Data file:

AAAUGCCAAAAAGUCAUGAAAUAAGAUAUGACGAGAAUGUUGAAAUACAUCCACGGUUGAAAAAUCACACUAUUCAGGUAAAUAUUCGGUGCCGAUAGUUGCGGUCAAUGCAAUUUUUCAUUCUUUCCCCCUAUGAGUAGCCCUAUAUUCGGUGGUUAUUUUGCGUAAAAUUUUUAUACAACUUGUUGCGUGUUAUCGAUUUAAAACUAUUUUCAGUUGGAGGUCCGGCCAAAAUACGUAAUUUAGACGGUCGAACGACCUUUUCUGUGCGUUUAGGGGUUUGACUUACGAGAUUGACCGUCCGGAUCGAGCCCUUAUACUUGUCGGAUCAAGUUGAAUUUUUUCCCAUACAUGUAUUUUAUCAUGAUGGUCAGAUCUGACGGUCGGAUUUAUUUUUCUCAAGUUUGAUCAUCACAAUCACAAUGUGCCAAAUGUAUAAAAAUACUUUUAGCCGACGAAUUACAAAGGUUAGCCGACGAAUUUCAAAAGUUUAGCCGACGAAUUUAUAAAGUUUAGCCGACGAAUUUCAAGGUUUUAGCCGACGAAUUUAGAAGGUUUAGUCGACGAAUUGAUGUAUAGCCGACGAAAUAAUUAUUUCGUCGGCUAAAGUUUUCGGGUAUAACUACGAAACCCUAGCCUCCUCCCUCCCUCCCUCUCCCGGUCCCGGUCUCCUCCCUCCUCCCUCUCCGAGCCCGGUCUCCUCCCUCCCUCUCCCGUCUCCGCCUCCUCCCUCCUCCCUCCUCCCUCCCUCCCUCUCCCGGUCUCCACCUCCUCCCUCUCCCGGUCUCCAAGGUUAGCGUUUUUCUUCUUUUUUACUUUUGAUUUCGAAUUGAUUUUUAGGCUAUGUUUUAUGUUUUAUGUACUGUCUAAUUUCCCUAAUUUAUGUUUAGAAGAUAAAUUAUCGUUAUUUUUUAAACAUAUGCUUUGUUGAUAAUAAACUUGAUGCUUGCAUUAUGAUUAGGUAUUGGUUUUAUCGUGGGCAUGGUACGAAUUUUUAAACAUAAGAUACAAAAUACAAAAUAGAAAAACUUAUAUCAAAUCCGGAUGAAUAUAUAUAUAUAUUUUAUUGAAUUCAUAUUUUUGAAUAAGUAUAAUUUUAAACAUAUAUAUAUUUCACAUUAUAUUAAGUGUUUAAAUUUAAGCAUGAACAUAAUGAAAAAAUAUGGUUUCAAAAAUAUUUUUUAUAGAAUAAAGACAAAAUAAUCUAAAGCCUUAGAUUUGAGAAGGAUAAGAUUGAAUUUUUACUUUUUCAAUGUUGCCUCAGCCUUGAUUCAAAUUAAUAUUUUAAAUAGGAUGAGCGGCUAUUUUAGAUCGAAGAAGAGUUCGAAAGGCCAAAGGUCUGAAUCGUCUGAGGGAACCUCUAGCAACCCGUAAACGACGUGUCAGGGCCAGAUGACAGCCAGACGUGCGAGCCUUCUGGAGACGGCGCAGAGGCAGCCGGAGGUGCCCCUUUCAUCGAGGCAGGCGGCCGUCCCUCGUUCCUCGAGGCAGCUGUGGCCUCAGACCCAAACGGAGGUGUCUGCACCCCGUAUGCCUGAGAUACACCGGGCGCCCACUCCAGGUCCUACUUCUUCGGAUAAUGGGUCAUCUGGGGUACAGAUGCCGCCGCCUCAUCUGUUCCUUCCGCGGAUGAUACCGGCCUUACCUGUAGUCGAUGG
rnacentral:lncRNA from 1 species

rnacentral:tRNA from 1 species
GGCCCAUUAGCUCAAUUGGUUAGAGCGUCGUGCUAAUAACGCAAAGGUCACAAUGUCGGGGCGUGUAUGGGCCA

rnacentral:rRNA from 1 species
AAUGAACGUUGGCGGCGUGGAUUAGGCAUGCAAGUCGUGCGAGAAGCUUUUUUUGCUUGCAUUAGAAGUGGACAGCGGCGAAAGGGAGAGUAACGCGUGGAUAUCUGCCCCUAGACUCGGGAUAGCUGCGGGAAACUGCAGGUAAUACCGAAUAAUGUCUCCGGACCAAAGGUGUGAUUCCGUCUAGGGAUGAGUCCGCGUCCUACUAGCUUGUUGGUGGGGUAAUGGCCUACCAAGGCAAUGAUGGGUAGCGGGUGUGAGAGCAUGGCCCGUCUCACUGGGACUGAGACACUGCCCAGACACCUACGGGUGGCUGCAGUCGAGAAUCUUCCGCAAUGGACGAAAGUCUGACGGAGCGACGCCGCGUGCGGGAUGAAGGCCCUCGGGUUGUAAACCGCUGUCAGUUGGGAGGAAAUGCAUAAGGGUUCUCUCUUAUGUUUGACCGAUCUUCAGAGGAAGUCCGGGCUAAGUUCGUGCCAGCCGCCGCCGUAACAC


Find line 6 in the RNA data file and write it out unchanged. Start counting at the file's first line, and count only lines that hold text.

AAUGAACGUUGGCGGCGUGGAUUAGGCAUGCAAGUCGUGCGAGAAGCUUUUUUUGCUUGCAUUAGAAGUGGACAGCGGCGAAAGGGAGAGUAACGCGUGGAUAUCUGCCCCUAGACUCGGGAUAGCUGCGGGAAACUGCAGGUAAUACCGAAUAAUGUCUCCGGACCAAAGGUGUGAUUCCGUCUAGGGAUGAGUCCGCGUCCUACUAGCUUGUUGGUGGGGUAAUGGCCUACCAAGGCAAUGAUGGGUAGCGGGUGUGAGAGCAUGGCCCGUCUCACUGGGACUGAGACACUGCCCAGACACCUACGGGUGGCUGCAGUCGAGAAUCUUCCGCAAUGGACGAAAGUCUGACGGAGCGACGCCGCGUGCGGGAUGAAGGCCCUCGGGUUGUAAACCGCUGUCAGUUGGGAGGAAAUGCAUAAGGGUUCUCUCUUAUGUUUGACCGAUCUUCAGAGGAAGUCCGGGCUAAGUUCGUGCCAGCCGCCGCCGUAACAC